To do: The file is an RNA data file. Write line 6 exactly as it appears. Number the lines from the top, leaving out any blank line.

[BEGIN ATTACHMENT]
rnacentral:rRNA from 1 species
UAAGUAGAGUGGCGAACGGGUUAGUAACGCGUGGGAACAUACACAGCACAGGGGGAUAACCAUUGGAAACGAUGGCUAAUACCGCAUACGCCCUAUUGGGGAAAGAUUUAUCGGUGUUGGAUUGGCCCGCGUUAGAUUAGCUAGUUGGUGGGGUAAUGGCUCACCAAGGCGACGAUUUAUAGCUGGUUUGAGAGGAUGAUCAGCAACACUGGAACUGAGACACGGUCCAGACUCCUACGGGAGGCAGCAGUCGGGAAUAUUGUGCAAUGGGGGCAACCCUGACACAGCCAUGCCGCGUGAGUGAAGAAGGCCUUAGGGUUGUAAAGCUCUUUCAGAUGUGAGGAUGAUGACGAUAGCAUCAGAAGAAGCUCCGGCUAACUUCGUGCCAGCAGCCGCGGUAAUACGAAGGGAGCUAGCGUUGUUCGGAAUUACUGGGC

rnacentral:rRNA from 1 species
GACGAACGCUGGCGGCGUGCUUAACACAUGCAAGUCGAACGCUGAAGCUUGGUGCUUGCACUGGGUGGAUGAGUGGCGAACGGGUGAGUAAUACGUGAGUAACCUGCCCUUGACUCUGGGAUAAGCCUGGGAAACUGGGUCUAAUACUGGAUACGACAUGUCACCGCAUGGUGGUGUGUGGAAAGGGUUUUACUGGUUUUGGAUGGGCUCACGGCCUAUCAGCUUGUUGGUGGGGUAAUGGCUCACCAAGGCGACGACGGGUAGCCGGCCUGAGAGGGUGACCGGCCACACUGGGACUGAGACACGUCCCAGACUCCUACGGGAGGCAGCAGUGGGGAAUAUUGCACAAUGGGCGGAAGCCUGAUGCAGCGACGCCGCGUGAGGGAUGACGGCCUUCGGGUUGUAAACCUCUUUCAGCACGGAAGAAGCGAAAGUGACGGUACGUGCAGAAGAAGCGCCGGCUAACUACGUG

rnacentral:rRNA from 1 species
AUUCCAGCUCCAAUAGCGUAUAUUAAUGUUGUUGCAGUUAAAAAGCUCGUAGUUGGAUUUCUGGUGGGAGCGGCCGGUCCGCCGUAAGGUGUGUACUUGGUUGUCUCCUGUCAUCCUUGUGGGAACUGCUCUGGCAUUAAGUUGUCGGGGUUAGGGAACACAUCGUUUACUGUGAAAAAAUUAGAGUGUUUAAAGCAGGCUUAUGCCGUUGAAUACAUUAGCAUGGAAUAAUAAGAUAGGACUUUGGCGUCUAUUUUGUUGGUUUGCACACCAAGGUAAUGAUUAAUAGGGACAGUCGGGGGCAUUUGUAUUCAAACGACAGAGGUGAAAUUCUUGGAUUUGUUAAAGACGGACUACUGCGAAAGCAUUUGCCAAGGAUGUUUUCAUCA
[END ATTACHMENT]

AUUCCAGCUCCAAUAGCGUAUAUUAAUGUUGUUGCAGUUAAAAAGCUCGUAGUUGGAUUUCUGGUGGGAGCGGCCGGUCCGCCGUAAGGUGUGUACUUGGUUGUCUCCUGUCAUCCUUGUGGGAACUGCUCUGGCAUUAAGUUGUCGGGGUUAGGGAACACAUCGUUUACUGUGAAAAAAUUAGAGUGUUUAAAGCAGGCUUAUGCCGUUGAAUACAUUAGCAUGGAAUAAUAAGAUAGGACUUUGGCGUCUAUUUUGUUGGUUUGCACACCAAGGUAAUGAUUAAUAGGGACAGUCGGGGGCAUUUGUAUUCAAACGACAGAGGUGAAAUUCUUGGAUUUGUUAAAGACGGACUACUGCGAAAGCAUUUGCCAAGGAUGUUUUCAUCA